Since March 1, 2015, only the English version of this website has been operational. The other versions (Italian, French, and Portuguese) have been discontinued.
Please write exclusively to firstname.lastname@example.org. My other mailbox email@example.com has been discontinued.
“Les langues sont faites pour être parlées, l’écriture ne sert que de supplément à la parole … L’écriture n’est que la représentation de la parole, il est bizarre qu’on donne plus de soin à déterminer l’image que l’objet.” (J.-J. Rousseau)
This site has been designed with the following main goals in mind:
To be of any practical use in the learning/teaching of pronunciation, but also as a plausible basis for any successive abstract speculation/theorizing, phonetics should be ‹natural›, in the sense that it should be possible to do it without the help of any instruments other than one’s own articulatory apparatus and ears. It should also draw upon our inborn, instinctive ability to discern sounds. In fact, we all possess such an ability, or at least we used to before being, as it were, ‹corrupted› by conventional spelling. When, as children, we wanted to write no instead of know, or definately for definitely, in keeping with the way we pronounce those words today, we were naturally doing phonetics (or doing Natural Phonetics).
canIPA Natural Phonetics is a method to bring the phonetic skills, which we instinctively possessed as children, back to our consciousness.
To put it more scientifically, we could say that Natural Phonetics aims at achieving the essence of linguistic sounds:
All people interested in sounds of languages could profit from discussing phonetics along these lines. Illustrations of the framework can be seen in Canepari (Manuale di pronuncia italiana), (Dizionario di pronuncia italiana), (Fonetica e tonetica naturali), (Manuale di pronuncia), (Natural Phonetics & Tonetics) and (A Handbook of Pronunciation). By way of illustration, excerpts from these books are provided in the PDF files section (continuously updated with samples of work in progress, see here).
For further clarification, a selection of frequently asked questions is shown in the FAQ section.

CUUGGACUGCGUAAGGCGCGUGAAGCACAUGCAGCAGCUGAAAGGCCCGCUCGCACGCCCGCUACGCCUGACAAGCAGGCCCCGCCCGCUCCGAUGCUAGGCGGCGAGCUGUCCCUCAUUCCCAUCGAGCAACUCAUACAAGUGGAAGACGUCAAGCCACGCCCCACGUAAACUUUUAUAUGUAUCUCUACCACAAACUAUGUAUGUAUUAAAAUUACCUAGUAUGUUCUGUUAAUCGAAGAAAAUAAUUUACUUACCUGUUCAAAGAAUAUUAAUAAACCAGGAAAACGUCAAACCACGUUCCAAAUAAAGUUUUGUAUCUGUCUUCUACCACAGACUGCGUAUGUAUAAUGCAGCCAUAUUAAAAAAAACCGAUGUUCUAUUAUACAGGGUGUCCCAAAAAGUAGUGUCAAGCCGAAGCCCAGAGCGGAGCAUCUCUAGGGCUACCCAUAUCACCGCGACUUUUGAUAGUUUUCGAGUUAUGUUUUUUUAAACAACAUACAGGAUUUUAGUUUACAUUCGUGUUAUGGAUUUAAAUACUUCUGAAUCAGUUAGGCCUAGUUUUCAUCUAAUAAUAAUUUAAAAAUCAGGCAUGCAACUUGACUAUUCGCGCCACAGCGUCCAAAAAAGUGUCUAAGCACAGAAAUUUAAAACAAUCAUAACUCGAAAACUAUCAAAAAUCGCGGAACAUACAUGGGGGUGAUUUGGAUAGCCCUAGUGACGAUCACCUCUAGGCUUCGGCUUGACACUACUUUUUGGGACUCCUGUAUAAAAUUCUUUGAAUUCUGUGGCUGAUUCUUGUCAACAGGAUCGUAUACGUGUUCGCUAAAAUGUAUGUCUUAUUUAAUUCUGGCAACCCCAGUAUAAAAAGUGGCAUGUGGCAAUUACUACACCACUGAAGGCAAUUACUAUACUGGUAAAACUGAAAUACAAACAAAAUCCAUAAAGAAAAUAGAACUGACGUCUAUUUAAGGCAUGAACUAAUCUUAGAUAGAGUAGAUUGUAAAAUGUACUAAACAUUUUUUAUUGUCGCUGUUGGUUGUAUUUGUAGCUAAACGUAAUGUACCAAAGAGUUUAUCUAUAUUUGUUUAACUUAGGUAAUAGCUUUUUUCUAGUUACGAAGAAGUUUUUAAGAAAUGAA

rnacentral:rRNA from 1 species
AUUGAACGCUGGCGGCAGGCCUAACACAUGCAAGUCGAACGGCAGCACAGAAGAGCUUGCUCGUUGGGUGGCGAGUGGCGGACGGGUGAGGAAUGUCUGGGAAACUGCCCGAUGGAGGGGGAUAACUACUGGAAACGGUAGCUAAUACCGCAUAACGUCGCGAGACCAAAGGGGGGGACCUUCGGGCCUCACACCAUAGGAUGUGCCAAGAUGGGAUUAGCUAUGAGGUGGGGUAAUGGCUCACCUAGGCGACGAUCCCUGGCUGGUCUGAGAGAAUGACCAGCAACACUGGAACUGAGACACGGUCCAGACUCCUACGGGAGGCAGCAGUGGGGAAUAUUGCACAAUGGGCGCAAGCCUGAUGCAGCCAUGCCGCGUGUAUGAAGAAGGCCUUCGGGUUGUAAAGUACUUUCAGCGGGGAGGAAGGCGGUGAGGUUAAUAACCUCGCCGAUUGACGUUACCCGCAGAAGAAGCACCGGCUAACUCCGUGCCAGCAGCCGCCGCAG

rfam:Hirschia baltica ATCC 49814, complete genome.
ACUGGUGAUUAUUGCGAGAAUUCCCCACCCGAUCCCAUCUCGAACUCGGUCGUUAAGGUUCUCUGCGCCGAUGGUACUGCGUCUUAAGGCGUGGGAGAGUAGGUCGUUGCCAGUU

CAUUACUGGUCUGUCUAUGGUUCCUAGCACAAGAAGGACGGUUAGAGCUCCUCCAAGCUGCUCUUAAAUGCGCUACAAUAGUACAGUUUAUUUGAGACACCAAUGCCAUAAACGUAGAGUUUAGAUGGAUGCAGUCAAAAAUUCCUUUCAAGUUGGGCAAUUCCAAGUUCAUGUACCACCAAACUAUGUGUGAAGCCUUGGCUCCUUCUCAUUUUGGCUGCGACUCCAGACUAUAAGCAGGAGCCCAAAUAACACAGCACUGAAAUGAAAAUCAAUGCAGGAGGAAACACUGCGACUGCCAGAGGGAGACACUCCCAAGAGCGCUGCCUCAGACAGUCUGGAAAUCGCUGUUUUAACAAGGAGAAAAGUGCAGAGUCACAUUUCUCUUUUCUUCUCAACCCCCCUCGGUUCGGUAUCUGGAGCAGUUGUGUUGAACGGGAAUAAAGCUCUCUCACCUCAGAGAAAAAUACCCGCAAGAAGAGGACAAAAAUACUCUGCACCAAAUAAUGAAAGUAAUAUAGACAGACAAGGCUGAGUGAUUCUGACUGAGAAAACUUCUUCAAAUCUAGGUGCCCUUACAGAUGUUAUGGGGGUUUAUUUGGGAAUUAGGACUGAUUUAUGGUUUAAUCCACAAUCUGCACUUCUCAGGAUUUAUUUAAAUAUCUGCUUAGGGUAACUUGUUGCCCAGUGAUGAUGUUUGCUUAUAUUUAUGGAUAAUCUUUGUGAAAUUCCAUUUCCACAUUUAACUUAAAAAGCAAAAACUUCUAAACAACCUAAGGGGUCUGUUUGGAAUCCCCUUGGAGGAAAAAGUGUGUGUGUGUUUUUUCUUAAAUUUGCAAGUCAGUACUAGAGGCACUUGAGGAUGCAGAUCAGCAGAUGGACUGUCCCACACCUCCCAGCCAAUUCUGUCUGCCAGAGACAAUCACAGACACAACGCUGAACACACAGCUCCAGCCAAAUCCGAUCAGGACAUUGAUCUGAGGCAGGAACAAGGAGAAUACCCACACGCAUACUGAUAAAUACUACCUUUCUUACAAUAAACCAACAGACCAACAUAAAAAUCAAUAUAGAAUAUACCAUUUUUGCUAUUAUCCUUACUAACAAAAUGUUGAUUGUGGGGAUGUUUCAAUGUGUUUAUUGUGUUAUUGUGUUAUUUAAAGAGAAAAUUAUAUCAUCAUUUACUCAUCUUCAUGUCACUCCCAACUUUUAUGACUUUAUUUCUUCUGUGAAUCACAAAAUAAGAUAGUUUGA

I’d like to encourage all those people with a bent for language sounds to engage in the preparation of studies/publications on pronunciation: dictionaries, handbooks, essays, sketches. At least one native speaker is needed who has a thorough knowledge of phonetics and phonemics (or is willing to acquire it) and knows what to include. If necessary, I could cooperate. The sketches and essays, as well as extracts from the dictionaries and handbooks (at least during their preparation), could be shown in the PDF Files section of this website.
The dictionaries are to give many (first, family, and place) names and all the inflected forms of common words that can cause pronunciation doubts either to foreigners or native speakers. For a list of model pronouncing dictionaries, see here.
Among the most needed are those for Arabic, (Mandarin) Chinese, Hindi, Japanese, Korean, Persian, Portuguese, Russian, Spanish, Turkish, Vietnamese.
The handbooks could be similar to Canepari (Manuale di pronuncia italiana), which deals extensively with the pronunciation of neutral (or standard) Italian and of its 22 regional variants. After English PronunciationS / The Pronunciation of English around the World, four more monographs have been planned about (neutral, mediatic, international, regional and foreign accents of Spanish, French, Portuguese, and German.
Other much needed handbooks could be on: Arabic, (Mandarin) Chinese, Greek, Hindi, Japanese, Persian, Russian, Turkish, Vietnamese.
Examples of essays/papers are those on the 12 languages given in Canepari (Manuale di pronuncia) and (A Handbook of Pronunciation): Arabic, (Mandarin) Chinese, English, Esperanto, French, German, Hindi, Italian, Japanese, Portuguese, Russian, Spanish.
Other useful essays could be on: Burmese, Czech, Danish, Finnish, Greek, Hausa, Hebrew, Hungarian, Indonesian, Korean, Dutch, Norwegian, Persian, Polish, Turkish, Slovak, Slovenian, Somali, Swahili, Swedish, Vietnamese, Wolof.
Examples of sketches, or phonosyntheses can be seen in the second part of Canepari (Fonetica e tonetica naturali) and (Natural Phonetics & Tonetics), in some chapters of Canepari (Manuale di pronuncia) and (A Handbook of Pronunciation), as well as here on this site. They are arrived at by working with recordings after seeing the most useful descriptions available on the language in question. They necessarily include one or more vowel diagrams, a consonant table, the four basic intonation diagrams of canIPA Natural Phonetics, and a short presentation of the main phonetic/phonological features. They vary in length from a few lines to three pages; generally, though, the figures provided ‹speak for themselves›.